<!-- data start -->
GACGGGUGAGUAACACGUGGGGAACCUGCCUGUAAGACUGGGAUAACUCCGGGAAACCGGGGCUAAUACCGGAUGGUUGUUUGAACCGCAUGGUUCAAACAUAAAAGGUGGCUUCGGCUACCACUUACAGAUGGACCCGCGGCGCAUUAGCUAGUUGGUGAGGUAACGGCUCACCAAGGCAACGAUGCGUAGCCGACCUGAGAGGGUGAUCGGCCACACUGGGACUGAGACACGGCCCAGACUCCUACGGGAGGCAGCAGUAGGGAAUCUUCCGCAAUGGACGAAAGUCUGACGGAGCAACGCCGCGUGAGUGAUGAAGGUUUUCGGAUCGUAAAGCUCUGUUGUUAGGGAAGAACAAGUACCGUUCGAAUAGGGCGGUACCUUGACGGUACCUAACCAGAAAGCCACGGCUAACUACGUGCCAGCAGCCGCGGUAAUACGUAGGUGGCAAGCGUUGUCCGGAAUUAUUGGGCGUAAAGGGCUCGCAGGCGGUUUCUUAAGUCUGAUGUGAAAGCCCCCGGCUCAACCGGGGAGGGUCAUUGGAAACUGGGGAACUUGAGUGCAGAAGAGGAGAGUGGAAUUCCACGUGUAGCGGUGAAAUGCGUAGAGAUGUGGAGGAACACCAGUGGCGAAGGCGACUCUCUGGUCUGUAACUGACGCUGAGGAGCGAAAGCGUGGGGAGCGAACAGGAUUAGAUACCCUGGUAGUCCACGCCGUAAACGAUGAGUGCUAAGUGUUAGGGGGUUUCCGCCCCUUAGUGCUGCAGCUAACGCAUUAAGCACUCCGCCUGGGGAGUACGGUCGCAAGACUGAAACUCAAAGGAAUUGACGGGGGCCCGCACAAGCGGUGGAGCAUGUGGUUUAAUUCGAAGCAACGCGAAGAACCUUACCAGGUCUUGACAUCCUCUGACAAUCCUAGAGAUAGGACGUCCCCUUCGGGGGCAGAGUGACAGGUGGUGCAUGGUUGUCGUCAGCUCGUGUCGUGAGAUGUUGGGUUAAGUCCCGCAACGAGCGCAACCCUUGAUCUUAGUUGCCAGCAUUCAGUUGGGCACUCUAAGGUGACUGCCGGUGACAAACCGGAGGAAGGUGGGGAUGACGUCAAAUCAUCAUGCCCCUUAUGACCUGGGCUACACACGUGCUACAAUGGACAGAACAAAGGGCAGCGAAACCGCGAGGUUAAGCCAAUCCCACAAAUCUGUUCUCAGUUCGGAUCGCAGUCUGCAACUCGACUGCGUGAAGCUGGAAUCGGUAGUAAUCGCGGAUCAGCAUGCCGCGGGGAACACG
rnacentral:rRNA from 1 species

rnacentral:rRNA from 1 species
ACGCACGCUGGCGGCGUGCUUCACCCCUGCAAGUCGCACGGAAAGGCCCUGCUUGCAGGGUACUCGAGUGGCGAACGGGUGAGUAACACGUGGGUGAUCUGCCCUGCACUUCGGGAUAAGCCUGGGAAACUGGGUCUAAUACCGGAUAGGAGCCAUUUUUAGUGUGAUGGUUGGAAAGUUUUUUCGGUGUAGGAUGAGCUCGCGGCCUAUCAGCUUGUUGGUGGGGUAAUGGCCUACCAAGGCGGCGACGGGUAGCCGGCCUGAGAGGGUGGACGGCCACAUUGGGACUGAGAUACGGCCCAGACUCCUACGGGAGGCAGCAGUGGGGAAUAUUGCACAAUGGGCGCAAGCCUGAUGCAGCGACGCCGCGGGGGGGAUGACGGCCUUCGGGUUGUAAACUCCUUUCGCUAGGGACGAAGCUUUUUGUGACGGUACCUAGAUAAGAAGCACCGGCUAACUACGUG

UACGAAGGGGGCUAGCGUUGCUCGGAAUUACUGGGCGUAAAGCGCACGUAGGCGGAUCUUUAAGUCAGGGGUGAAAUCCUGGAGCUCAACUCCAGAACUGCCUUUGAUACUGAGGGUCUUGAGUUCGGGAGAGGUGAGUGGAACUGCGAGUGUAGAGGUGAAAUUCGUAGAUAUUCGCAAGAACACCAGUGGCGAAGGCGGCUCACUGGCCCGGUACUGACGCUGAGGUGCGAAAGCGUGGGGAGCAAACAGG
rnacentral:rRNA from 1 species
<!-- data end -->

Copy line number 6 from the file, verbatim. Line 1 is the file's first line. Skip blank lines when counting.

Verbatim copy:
rnacentral:rRNA from 1 species